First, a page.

A wooded gorge of outstanding natural beauty with stone ruins, waterwheels, ponds and waterfalls.
The Lumsdale Valley is a small wooded gorge of outstanding natural beauty tucked away high above Matlock. With its crumbling stone ruins, waterwheels, ponds and waterfalls, nature has melded with the industrial remains of the past to create an oasis of romantic decay. Lumsdale is also one of the best examples of a water-powered industrial archaeological site in Great Britain and it is unusual to see such extensive use of water power in such a relatively small area.
In the part of the valley owned by the Arkwright Society at least seven mills remain, including a bleach works, all of which were powered by water from the Bentley Brook. By the 1600s there was at least one mill in operation, yet it was not until the late 18th century that the demand for water power reached its height. This followed Arkwright’s successes at Cromford as the valley attracted investment on a substantial scale as entrepreneurs fought for sites on which to build their own cotton mills. Subsequently the mills were put to various uses including cotton spinning, bleaching, and grinding corn, bone and minerals for paint manufacture. Cottages, situated near one of the Valley’s ponds, were created from a single building which once housed two lead cupolas with a counting house and smithy on the other side of the track. Industrial use of the site continued until the 1930s.
As the buildings in the upper section of the valley fell out of use, they were abandoned and allowed to become derelict. The valley, which once had been known for the stark beauty of its rocky outcrops, well-manicured ponds and its waterfall, became thickly wooded, dark and forgotten.
In 1939 it was purchased by Marjorie Mills whose passion for Lumsdale ensured its survival. Despite many offers for the building stone she refused to permit demolition of the mill structures, preferring to keep them as they were, surrounded by trees and undergrowth, offering a home to a wide variety of wildlife.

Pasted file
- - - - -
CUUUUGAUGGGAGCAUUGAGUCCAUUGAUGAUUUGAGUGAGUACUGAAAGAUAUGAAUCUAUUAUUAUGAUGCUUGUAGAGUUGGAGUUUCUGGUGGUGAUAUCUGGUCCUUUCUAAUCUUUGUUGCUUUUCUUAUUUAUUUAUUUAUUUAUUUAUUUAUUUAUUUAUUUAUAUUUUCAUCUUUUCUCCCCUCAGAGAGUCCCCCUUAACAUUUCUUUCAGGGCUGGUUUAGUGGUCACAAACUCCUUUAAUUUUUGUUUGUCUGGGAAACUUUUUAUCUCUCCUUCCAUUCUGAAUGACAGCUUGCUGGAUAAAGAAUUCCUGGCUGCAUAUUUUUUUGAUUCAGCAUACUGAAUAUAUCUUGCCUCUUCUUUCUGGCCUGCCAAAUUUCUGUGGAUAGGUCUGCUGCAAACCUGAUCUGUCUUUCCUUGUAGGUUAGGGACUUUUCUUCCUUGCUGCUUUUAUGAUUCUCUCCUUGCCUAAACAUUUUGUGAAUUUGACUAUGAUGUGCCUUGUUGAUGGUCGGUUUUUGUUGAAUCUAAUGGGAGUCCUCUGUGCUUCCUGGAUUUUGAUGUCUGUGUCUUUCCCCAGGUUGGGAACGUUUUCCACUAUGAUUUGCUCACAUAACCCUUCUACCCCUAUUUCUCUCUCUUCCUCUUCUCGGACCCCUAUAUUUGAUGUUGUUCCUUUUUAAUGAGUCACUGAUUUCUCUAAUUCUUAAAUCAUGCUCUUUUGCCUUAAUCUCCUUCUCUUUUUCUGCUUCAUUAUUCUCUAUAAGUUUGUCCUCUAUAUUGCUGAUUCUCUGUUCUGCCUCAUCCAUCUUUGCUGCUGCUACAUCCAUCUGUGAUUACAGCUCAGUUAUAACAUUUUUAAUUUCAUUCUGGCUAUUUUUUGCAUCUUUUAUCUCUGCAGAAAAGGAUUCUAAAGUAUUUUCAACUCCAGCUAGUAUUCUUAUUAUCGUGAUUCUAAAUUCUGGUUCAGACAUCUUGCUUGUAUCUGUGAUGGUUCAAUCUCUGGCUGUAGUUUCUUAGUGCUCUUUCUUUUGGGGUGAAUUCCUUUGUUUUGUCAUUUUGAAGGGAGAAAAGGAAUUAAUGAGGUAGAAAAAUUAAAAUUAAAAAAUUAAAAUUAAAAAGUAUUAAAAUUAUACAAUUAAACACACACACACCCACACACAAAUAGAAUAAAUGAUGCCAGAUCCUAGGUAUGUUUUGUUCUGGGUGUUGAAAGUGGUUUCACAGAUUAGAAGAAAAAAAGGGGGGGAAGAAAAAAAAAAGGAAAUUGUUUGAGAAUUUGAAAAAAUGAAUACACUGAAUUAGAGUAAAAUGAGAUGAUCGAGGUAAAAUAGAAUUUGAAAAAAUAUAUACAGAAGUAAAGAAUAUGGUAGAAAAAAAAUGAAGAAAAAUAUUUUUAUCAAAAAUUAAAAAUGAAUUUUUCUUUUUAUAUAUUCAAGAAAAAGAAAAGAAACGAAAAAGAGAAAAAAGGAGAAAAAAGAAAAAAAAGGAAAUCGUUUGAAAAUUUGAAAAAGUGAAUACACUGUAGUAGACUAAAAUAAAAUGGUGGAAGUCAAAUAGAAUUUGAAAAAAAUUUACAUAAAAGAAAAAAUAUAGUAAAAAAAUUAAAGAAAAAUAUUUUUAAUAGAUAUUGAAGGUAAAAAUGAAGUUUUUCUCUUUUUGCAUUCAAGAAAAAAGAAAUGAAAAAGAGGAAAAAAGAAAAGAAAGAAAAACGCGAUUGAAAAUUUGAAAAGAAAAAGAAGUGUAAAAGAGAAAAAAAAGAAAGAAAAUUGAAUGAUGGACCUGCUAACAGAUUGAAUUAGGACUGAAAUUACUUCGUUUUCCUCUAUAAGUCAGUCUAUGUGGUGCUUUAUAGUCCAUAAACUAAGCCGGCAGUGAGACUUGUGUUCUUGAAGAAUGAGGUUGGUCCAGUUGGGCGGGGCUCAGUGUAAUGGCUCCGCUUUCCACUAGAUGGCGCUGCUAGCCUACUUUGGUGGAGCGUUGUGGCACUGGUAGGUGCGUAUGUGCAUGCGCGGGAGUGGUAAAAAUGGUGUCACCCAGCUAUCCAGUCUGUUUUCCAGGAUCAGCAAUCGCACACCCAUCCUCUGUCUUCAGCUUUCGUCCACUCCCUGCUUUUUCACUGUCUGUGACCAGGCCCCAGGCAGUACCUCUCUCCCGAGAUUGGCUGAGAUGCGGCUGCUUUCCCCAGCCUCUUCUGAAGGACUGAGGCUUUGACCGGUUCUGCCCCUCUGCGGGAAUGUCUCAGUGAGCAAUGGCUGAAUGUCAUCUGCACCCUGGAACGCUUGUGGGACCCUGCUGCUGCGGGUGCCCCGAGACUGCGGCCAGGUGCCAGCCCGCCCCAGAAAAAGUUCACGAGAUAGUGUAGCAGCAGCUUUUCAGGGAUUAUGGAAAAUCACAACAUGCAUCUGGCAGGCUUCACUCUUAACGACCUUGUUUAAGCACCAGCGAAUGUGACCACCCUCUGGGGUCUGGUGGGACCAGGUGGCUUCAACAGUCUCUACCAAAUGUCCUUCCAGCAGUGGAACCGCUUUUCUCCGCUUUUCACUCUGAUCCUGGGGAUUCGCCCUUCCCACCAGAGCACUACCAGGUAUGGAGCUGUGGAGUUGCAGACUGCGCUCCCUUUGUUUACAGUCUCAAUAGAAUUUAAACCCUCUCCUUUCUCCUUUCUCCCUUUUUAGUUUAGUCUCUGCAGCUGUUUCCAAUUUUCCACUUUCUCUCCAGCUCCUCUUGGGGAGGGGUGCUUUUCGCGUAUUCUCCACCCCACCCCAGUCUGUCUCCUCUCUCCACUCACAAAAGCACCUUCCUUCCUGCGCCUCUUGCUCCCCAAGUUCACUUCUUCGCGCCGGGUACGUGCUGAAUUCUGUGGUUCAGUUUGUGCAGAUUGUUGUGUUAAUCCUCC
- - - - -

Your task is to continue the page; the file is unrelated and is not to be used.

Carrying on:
However, by 1976 she had recognised that she could not protect and manage her property single-handed. The buildings near the road were in danger of falling onto the highway; the dams which once retained the mill ponds had either to be pulled down or repaired; and these issues now had to be considered against a background of an increasing awareness of the archaeological significance of Lumsdale’s derelict mills and water courses.
Accordingly, the Arkwright Society was offered the lease of much of Marjorie Mills' Lumsdale estate on a peppercorn basis, provided it was prepared to undertake the preservation of the valley and on the understanding that it would inherit the area leased.
In 1979, a committee of Lumsdale residents and Arkwright Society members was formed. At the heart of the Arkwright Society’s strategy for the valley, there were three guiding principles:
1.The mills and other buildings, for the most part, would not be restored but be frozen in their picturesque decay.
2.The public was to be offered access to as much of the site as could be made safe by means of paths, stiles and fencing.
3.The charm of the wooded areas was to be retained wherever the trees were not endangering structures or public safety.
Today the Society continues to develop its management plan for the Valley – maintaining public access and retaining and improving the Valley's woodland and wetland habitats which now form part of a conservation area.
The Society has received awards for its work in Lumsdale:
- The Civic Trust Pride of Place Competition – 2nd Prize, 1981 and 1986
- The Times / RIBA Community Enterprise Award, 1986 (presented by His Royal Highness the Prince of Wales)
- Derbyshire County Council Greenwatch Award – Commendation, 1990
- The Mills are to be scheduled as Ancient Monuments